While in college, I was a part of quite a few organizations — a sorority and a few philanthropic organizations to name a few. I couldn’t have dreamed that I would learn as much as I did or walk away with as many skills as I did.

I learned more participating in these than I learned in class and I have a myriad of experiences that are applicable to my work life in my repertoire because of them.

Here five critical career skills that you will learn from being involved in college:


The greatest lesson and skill that I learned from my involvement in various organizations was how to be a true, authentic leader. I learned how to lead my peers so that they respected me. I understood the importance of delegating and figured out how to effectively delegate. I learned that in order to lead a team, you have to lead by example.

I knew that I had to be devoted to the mission of the organization and be dedicated to it in order to garner respect from my peers. I learned to train and develop a team, then trust them to excel. I learned the importance of teamwork and actively listening to others and their ideas.

Regardless of your title, you can be a leader in your career and your superiors will see and appreciate your ability to lead regardless of the title they give you.

Sales & Marketing

Every organization I was involved in required some sort of recruitment of members, or publicity for the organization and its events. Any good organization on campus, regardless of what it is, requires some sort of marketing to the university and its students.

I learned that it is important to have a consistent brand and public image. I learned how to come up with an elevator speech and how to give one. I learned how to sell my organization and its events to fellow students. These skills have been quite beneficial in my professional life.

Having the ability to articulate the mission and purpose of your organization is crucial to business success. And having the ability to convince someone to invest in your company can set you apart from your peers.

Event Planning

I gained tangible and real event planning experience in college. So many organizations host on campus events, so having the ability to host an event comes with membership to almost any group.

Event planning is a combination of big picture goals and planning small details. I learned the importance of a vision and overall goal when it comes to an event. This sometimes requires creativity and input from others. In addition to having a strategy for the overall event, event planning requires the ability to execute small details and delegate to others. Delegating is crucial when it comes to event planning. I quickly learned that I don’t have the ability to do it all and that teamwork and trust are the only way to put on a successful event without going crazy. Lists can be crucial to the success of an event. I learned the importance of planning ahead and visiting back often.

Regardless of your career path, having the ability to plan and execute a task will be an asset to you and your company.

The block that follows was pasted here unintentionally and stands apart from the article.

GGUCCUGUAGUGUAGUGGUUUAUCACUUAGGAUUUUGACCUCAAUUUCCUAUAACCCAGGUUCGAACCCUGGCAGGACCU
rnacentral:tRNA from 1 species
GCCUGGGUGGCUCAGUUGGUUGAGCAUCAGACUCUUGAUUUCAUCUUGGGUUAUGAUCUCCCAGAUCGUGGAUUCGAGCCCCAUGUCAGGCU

Conflict Resolution

This lesson was one that I could have guessed I would learn. This lesson was also a harder one to learn. In order to be a part of a large group with many different personalities and work styles, it is important to learn not only how to work in that team, but to deal with conflict. I learned that when dealing with conflict and difficult personalities, it is crucial to assume the best intentions.

I learned the importance of difficult conversations. When having those conversations, it was crucial for me (regardless of my role in those conversations) to be respectful, fair and open minded. So often we are involved in conflict because of miscommunication and not trying to truly understand the other person’s perspective. This is another skill that I have been able to take in my work life and in my adult life.

Public Speaking

According to Glossophobia.com, 75% of have glossophobia, or the fear of public speaking. Being involved, and particularly being in leadership roles, will allow you to practice public speaking and overcome any fears you may have. The more and more that I spoke in public about the organizations that I cared about, the easier and more fun it became.

Having the ability to create a presentation and present it to a group of people is crucial in your career. And doing those things well will be a huge benefit in your professional life.

I so loved being involved in college. It allowed me to create friendships that have lasted long after graduation. My involvement created a love for giving back and serving my community that is now a core part of who I am. Whether you are still in college or in the beginning of your career, there are so many things you can learn from being involved in your community and I would encourage each of you to check out organizations in your school or your community. It will change your life.


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